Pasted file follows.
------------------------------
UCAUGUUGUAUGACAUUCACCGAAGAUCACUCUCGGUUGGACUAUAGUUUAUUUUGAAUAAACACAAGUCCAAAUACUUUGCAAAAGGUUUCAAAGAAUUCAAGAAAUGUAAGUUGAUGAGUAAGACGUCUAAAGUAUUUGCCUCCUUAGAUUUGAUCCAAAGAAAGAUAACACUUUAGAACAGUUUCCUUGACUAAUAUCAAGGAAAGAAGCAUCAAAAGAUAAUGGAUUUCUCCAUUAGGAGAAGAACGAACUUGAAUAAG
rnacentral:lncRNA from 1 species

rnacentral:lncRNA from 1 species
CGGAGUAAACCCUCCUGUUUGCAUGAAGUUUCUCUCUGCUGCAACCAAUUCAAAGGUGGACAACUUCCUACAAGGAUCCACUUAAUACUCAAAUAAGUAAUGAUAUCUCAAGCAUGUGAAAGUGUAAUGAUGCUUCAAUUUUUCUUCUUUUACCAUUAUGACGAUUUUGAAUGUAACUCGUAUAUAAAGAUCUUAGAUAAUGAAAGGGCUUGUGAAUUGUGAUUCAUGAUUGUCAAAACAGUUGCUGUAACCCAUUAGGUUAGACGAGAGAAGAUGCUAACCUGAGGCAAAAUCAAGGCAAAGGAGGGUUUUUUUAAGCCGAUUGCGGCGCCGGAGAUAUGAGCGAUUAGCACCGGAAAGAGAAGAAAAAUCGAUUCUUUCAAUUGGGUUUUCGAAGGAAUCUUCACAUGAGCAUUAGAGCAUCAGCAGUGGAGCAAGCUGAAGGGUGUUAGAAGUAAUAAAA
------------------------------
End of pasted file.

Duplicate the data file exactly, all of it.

UCAUGUUGUAUGACAUUCACCGAAGAUCACUCUCGGUUGGACUAUAGUUUAUUUUGAAUAAACACAAGUCCAAAUACUUUGCAAAAGGUUUCAAAGAAUUCAAGAAAUGUAAGUUGAUGAGUAAGACGUCUAAAGUAUUUGCCUCCUUAGAUUUGAUCCAAAGAAAGAUAACACUUUAGAACAGUUUCCUUGACUAAUAUCAAGGAAAGAAGCAUCAAAAGAUAAUGGAUUUCUCCAUUAGGAGAAGAACGAACUUGAAUAAG
rnacentral:lncRNA from 1 species

rnacentral:lncRNA from 1 species
CGGAGUAAACCCUCCUGUUUGCAUGAAGUUUCUCUCUGCUGCAACCAAUUCAAAGGUGGACAACUUCCUACAAGGAUCCACUUAAUACUCAAAUAAGUAAUGAUAUCUCAAGCAUGUGAAAGUGUAAUGAUGCUUCAAUUUUUCUUCUUUUACCAUUAUGACGAUUUUGAAUGUAACUCGUAUAUAAAGAUCUUAGAUAAUGAAAGGGCUUGUGAAUUGUGAUUCAUGAUUGUCAAAACAGUUGCUGUAACCCAUUAGGUUAGACGAGAGAAGAUGCUAACCUGAGGCAAAAUCAAGGCAAAGGAGGGUUUUUUUAAGCCGAUUGCGGCGCCGGAGAUAUGAGCGAUUAGCACCGGAAAGAGAAGAAAAAUCGAUUCUUUCAAUUGGGUUUUCGAAGGAAUCUUCACAUGAGCAUUAGAGCAUCAGCAGUGGAGCAAGCUGAAGGGUGUUAGAAGUAAUAAAA